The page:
First Annual Preservation Award to Marian and Leon Despres in February, 2005
Despres Preservation Award
It is a great honor for the Hyde Park Historical Society to give its first annual Preservation Award to Marian and Leon Despres. For more than fifty years they have nurtured the movement to save our city's architectural heritage. In a real sense they are the parents of preservation in Chicago.
In 1957 Len, newly elected alderman from the 5th Ward, adopted Frank Lloyd Wright's Robie House sa it sat unwanted and threatened by its legal guardian. This successful effort to save "America's first modern house" gave birth to the City Landmarks Commission which then chose 39 buildings as "honorary" landmarks. That body grew up to become the present Commission on Chicago Landmarks which was empowered by Desres's 1968 city ordinance to select and protect 12 important buildings as our first official Chicago Landmarks. Three of those original designations were in Hyde Park. In 1960 Mr. Despres and friends formed the Chicago Heritage Committee and walked the picket lines to defend Louis Sullivan's Garrick Theater, threatened to be demolished for a parking garage. This vigil, and a similar one to save Sullivan's Chicago Stock Exchange in 1972, could not prevent the loss of these two important members of our architectural community. But even those failed efforts strengthened the growing preservation movement by leading to the birth of organizations like the Landmarks Preservation Council of Illinois and by raising a new public consciousness of the value and worldwide fame of Chicago's "outdoor museum" of historic buildings.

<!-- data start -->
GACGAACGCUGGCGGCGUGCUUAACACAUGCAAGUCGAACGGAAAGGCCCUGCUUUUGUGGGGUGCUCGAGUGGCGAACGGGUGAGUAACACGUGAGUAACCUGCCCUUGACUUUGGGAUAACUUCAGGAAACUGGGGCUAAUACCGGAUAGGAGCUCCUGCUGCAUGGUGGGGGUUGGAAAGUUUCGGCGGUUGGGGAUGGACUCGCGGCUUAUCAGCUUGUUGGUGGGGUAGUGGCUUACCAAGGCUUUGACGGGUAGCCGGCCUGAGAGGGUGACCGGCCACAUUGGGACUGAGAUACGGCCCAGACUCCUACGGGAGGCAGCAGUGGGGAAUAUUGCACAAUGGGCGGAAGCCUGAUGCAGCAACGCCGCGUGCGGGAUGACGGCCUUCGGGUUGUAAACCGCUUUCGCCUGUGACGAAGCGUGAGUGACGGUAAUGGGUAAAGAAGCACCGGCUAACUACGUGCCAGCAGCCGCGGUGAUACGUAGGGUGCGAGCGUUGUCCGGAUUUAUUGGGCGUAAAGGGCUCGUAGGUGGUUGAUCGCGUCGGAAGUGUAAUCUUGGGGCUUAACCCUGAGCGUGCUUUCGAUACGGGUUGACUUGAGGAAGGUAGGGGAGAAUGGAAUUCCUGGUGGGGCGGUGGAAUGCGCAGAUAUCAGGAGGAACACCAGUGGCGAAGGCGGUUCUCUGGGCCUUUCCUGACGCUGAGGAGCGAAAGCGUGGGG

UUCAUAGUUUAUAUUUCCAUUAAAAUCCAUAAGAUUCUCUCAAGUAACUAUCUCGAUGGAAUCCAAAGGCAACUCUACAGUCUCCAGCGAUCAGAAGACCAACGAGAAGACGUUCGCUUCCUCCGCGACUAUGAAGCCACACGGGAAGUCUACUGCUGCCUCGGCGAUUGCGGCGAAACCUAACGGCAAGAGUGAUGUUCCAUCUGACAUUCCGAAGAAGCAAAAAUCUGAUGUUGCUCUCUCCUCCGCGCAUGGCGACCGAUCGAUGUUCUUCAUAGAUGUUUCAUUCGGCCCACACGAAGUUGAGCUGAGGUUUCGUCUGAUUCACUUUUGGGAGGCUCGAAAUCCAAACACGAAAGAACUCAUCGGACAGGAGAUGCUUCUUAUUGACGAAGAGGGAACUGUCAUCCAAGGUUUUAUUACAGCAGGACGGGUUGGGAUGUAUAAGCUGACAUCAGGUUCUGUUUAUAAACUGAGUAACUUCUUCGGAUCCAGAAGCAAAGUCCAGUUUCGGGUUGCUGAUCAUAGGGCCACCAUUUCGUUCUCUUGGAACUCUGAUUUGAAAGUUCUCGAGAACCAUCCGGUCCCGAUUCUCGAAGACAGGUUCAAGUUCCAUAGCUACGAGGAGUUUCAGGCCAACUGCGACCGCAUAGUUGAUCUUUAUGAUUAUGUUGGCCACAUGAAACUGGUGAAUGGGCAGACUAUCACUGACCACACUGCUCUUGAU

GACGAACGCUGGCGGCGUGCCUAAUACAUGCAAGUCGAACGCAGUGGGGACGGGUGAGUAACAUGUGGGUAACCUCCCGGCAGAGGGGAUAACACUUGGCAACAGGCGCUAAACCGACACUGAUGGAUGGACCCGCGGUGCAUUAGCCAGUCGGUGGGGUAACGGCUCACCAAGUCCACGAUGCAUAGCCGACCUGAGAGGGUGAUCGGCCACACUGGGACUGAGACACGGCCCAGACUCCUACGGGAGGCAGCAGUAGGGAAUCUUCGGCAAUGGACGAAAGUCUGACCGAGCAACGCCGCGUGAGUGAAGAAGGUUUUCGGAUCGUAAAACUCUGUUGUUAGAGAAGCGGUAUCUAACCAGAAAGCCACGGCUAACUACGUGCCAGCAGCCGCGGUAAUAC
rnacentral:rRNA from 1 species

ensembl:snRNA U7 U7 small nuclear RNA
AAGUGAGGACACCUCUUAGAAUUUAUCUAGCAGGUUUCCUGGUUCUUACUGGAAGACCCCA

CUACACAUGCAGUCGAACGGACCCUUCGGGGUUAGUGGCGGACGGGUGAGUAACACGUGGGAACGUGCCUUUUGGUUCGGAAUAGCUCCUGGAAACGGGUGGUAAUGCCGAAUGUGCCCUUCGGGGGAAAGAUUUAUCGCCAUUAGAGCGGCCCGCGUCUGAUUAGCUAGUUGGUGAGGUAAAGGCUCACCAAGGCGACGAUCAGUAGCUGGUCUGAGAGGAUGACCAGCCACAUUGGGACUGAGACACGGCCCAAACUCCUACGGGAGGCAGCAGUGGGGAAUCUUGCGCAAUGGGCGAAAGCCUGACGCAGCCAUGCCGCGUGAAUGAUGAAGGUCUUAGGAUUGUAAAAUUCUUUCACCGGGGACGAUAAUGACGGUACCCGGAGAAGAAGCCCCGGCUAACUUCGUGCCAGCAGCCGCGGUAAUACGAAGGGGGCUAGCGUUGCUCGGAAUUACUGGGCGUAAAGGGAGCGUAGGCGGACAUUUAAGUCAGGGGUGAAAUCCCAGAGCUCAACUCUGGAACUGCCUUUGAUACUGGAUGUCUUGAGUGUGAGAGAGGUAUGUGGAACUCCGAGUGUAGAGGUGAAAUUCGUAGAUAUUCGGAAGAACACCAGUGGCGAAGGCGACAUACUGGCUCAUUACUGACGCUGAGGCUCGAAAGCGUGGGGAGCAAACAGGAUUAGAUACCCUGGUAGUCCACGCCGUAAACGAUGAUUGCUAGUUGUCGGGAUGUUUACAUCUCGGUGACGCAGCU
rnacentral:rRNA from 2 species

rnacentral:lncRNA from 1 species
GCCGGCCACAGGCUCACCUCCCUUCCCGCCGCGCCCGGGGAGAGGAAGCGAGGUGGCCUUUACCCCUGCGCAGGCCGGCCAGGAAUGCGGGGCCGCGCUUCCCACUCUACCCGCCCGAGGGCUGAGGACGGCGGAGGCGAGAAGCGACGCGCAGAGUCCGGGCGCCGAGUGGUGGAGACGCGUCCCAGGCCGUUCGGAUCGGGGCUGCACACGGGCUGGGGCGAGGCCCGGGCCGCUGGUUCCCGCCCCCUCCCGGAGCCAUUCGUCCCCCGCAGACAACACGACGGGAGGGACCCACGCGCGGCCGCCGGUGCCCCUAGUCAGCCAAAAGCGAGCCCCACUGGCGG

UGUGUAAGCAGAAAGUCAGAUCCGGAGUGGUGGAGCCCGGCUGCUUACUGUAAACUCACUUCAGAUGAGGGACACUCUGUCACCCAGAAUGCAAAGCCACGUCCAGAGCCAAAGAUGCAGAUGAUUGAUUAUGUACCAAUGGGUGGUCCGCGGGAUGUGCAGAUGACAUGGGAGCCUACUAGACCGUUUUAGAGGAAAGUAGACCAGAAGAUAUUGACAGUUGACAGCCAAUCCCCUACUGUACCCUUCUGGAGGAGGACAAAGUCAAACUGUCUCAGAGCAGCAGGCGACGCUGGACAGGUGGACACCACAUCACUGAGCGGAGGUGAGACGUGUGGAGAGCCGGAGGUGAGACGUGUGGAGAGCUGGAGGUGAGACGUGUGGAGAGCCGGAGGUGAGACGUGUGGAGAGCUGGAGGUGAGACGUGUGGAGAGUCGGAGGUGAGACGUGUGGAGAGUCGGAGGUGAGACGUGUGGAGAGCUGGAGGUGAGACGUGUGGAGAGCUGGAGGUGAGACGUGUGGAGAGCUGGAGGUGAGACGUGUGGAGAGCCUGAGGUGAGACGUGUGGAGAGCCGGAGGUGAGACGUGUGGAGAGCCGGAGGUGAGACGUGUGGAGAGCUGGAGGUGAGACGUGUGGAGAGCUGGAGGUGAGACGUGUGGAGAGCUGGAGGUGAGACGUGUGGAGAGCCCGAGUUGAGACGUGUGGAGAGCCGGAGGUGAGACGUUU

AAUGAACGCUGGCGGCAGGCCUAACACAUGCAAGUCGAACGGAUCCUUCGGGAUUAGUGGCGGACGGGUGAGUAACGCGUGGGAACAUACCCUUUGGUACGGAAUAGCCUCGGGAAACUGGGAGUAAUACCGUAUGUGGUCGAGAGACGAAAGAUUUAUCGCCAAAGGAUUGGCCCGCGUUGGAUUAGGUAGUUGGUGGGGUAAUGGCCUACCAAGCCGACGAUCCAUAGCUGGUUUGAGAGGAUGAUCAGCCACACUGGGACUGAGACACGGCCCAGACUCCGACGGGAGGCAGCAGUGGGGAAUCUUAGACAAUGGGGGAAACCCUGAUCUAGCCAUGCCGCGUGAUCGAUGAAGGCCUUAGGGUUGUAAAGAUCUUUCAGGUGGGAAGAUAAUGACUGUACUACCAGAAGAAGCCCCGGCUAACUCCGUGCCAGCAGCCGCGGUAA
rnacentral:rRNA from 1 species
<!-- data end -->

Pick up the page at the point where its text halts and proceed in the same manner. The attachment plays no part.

In 1965 Marian Despres and a small group of friends bought and began to nurse back to health the long-neglected Glesner House. Under Marian's caret he house as become a remarkable museum, the only H.H. Richardson house in the country open to the public, and the anchor of the Prairie Avenue Historic District. From her efforts at the Glessner House grew the Chicago Architecture Foundation with its world famous docent progrm. She served on the CAF Board from 1970 to 1975 and as its President in 1976 and 1977. Marian also served on the Landmarks Commission form 1983 until 2003, where she inspired the Chicago Historic Resources Survey, the comprehensive inventory of Chicago's historical and architecturally significant resources--the most complete listing ever compiled by a major city in this country. Both of the Despres were active in the formation of the Hyde Park Kenwood Community Conference where Marian created the "Segments of the Past" project documenting 866 buildings that were demolished during Urban Renewal.
Beyond saving buildings, passing laws and forming organizations, Marian and Len Despres have fostered a strong, vigorous preservation movement in Chicago. They've helped raise an extended family of preservationists that will survive and grow for many generations to come.